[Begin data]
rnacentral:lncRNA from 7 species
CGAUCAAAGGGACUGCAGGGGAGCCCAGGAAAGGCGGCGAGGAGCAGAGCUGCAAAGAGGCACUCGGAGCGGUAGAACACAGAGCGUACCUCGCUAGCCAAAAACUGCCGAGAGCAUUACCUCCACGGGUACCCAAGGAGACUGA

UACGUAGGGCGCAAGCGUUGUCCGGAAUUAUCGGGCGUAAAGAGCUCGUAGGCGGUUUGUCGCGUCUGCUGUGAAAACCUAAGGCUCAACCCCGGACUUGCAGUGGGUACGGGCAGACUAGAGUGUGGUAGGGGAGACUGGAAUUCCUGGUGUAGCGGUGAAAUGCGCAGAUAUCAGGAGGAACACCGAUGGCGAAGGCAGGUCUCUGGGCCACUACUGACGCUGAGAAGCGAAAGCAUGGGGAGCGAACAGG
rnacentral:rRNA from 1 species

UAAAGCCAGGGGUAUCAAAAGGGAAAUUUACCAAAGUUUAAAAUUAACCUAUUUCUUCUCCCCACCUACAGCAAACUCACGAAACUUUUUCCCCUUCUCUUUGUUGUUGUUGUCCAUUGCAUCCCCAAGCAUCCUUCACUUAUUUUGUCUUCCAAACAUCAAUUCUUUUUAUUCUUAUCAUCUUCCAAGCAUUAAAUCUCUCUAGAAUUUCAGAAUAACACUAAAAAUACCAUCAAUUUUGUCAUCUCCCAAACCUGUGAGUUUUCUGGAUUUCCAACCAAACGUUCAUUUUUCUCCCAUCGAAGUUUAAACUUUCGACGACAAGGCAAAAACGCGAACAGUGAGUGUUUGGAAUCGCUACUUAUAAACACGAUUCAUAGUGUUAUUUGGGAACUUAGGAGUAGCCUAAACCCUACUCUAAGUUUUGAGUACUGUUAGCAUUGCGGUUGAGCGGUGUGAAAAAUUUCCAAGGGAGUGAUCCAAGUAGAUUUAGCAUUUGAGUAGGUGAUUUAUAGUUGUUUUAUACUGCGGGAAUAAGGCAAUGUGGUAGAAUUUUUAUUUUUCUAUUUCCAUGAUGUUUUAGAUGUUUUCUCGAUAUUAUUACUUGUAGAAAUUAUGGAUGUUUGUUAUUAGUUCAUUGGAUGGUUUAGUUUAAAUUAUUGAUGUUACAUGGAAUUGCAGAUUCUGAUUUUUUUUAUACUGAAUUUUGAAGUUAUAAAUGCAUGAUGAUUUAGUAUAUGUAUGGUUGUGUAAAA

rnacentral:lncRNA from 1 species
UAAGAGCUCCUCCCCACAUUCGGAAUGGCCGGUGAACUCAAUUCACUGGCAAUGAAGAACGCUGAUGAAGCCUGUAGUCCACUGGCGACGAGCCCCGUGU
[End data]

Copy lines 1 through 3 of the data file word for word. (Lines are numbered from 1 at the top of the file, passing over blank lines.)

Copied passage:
rnacentral:lncRNA from 7 species
CGAUCAAAGGGACUGCAGGGGAGCCCAGGAAAGGCGGCGAGGAGCAGAGCUGCAAAGAGGCACUCGGAGCGGUAGAACACAGAGCGUACCUCGCUAGCCAAAAACUGCCGAGAGCAUUACCUCCACGGGUACCCAAGGAGACUGA

UACGUAGGGCGCAAGCGUUGUCCGGAAUUAUCGGGCGUAAAGAGCUCGUAGGCGGUUUGUCGCGUCUGCUGUGAAAACCUAAGGCUCAACCCCGGACUUGCAGUGGGUACGGGCAGACUAGAGUGUGGUAGGGGAGACUGGAAUUCCUGGUGUAGCGGUGAAAUGCGCAGAUAUCAGGAGGAACACCGAUGGCGAAGGCAGGUCUCUGGGCCACUACUGACGCUGAGAAGCGAAAGCAUGGGGAGCGAACAGG